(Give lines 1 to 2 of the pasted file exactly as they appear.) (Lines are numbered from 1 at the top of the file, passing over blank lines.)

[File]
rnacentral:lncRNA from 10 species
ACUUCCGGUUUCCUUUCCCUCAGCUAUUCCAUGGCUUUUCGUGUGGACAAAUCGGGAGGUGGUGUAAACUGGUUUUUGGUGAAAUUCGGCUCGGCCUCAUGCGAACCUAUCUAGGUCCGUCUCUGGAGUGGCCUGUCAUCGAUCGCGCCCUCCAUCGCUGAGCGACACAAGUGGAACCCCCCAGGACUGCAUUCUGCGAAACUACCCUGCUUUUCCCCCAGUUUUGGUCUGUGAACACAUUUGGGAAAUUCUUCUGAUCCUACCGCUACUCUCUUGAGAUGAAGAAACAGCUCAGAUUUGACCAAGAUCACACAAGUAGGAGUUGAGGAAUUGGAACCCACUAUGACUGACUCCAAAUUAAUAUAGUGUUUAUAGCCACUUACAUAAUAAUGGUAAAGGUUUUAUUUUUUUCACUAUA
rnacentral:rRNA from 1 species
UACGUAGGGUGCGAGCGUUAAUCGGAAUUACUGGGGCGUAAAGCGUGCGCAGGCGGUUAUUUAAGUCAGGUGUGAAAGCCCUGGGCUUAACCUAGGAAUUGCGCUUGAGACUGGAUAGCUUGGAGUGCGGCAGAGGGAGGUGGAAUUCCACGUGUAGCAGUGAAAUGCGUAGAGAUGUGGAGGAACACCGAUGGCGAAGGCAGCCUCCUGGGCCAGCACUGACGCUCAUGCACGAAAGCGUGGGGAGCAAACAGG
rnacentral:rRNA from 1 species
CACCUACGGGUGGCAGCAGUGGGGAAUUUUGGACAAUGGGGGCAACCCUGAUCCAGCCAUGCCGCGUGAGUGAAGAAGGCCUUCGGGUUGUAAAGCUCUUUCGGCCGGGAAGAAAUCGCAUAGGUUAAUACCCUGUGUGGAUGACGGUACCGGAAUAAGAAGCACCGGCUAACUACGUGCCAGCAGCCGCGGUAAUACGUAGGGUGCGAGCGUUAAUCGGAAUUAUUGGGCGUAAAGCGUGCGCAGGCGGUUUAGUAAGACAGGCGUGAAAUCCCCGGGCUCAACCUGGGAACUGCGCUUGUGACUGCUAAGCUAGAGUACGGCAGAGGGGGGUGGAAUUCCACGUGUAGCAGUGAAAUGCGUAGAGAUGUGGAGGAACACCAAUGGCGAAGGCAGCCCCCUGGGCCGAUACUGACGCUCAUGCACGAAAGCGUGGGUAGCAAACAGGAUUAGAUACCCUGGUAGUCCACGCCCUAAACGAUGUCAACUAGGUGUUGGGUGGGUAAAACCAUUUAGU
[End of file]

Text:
rnacentral:lncRNA from 10 species
ACUUCCGGUUUCCUUUCCCUCAGCUAUUCCAUGGCUUUUCGUGUGGACAAAUCGGGAGGUGGUGUAAACUGGUUUUUGGUGAAAUUCGGCUCGGCCUCAUGCGAACCUAUCUAGGUCCGUCUCUGGAGUGGCCUGUCAUCGAUCGCGCCCUCCAUCGCUGAGCGACACAAGUGGAACCCCCCAGGACUGCAUUCUGCGAAACUACCCUGCUUUUCCCCCAGUUUUGGUCUGUGAACACAUUUGGGAAAUUCUUCUGAUCCUACCGCUACUCUCUUGAGAUGAAGAAACAGCUCAGAUUUGACCAAGAUCACACAAGUAGGAGUUGAGGAAUUGGAACCCACUAUGACUGACUCCAAAUUAAUAUAGUGUUUAUAGCCACUUACAUAAUAAUGGUAAAGGUUUUAUUUUUUUCACUAUA